This Deepavali, as usual, colours mark this joyous Hindu festival. What I saw in the shopping malls were lots of splashes of colour - especially on the FLOOR !It's the KOLAM I'm referring to.
It's a riot of colours bursting with artistry to signal the celebration of Deepavali, known as the Festival of Lights. Having visited Chennai, Bangalore and Hyderabad before, I'm familiar with the rich colours of India. Right here in Malaysia, our Indian communities too celebrate Deepavali with much fervour.
Back to the KOLAM. The shopping malls have done an outstanding job of bringing colour,and with it the Indian culture to the fore. They seem to get better and better each year.
Do check out the LimKokWing website for their latest initiative with Pavilion for this festive season. What pomp and ceremony! I read in the media that one of the colleges made a fruity kolam . Absolutely unique!
What I saw at the Pavilion is astounding. 200 international students of the LimKokWing School of Creative Technology - from over 140 countries and 10 embassies worked tirelessly to produce the 1st Crytstallized 3 D kolams. Huge as they come, the raw materials used were 1 thousand kg of rice grains, and tens of thousands of Swarovski crystal elements and 30 packets of colouring to produce the brilliant, multicolour motifs. It was a lovely experience to follow the kolam motifs down the Spanish steps right down to the Centre Court of the Pavilion shopping mall. How the magnificent KOLAMS enhance the Deepavali mood ! Besides the razzle and dazzle, the kolams maintain the tradition that still lives.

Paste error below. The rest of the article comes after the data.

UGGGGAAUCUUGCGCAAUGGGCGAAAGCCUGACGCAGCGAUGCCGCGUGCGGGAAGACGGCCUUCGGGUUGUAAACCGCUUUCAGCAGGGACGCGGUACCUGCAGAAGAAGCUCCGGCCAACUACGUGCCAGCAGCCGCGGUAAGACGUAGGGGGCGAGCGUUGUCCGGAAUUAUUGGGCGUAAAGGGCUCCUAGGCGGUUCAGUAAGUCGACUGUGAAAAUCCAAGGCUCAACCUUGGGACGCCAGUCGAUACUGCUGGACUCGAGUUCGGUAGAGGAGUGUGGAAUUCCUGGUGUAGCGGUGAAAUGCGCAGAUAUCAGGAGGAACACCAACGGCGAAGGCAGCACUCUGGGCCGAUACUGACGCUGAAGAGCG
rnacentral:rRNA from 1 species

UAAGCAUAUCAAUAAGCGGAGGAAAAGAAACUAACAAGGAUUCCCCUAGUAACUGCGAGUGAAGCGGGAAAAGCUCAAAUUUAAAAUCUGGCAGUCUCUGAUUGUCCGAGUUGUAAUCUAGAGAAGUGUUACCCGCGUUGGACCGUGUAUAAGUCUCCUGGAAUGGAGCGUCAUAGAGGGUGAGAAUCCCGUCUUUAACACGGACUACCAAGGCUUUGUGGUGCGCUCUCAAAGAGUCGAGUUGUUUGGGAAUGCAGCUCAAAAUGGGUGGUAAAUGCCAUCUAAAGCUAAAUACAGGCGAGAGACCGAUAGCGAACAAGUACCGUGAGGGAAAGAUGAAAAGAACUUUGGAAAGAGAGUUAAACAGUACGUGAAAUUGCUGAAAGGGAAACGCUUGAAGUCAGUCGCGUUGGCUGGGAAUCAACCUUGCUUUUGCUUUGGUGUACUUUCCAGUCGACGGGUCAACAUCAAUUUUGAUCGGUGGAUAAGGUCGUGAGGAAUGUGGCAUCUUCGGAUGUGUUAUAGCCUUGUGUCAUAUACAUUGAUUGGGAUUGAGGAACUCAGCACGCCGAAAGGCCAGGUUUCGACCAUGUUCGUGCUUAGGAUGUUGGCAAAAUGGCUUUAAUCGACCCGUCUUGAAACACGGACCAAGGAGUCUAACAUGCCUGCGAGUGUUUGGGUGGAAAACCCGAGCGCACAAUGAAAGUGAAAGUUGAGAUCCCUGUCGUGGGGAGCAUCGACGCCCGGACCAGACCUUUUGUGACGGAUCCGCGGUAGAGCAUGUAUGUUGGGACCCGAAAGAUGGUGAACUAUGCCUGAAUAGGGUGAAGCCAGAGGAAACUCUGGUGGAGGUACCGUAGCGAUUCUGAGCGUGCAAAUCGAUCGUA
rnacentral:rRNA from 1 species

Photo credit : Display Board at Centre Court , courtesy of Pavilion PR - 4 pics above
KOLAMs are ancient Dravidian geometric motifs that grace the entrances of Hindu homes,to invoke the blessings of the Goddess of Wealth, Lakshmi and to keep evil spirits away. Traditionaly they are curved loops hand drawn around a grid pattern of dots. Also, traditional ingredients like tumeric for yellow, ground brown coffee beans for brown etc make the kolam Nowadays, the commercial powder colours are mixed with rice flour and sandstone for the different hues. Typical motifs are flowers, animals and geometric designs.
To start off,the womenfolk sweep and wash the floor. Then rice powder is placed on the floor for the sandstone to stick better.
I made a kolam sometime ago just for the entrance to my front door. It took more than nifty work to get the pattern out! Have to confess, I even made do with the plastic stick ons and placed the oil lamps on them last year when I had an open house celebration.
Well, like all Deepavalis, I will be colourful, in my new salwar khameez and greet this festival with open arms. Here's wishing all Hindu readers,' Happy Deepavali'! May the lights of this festive season shine on you!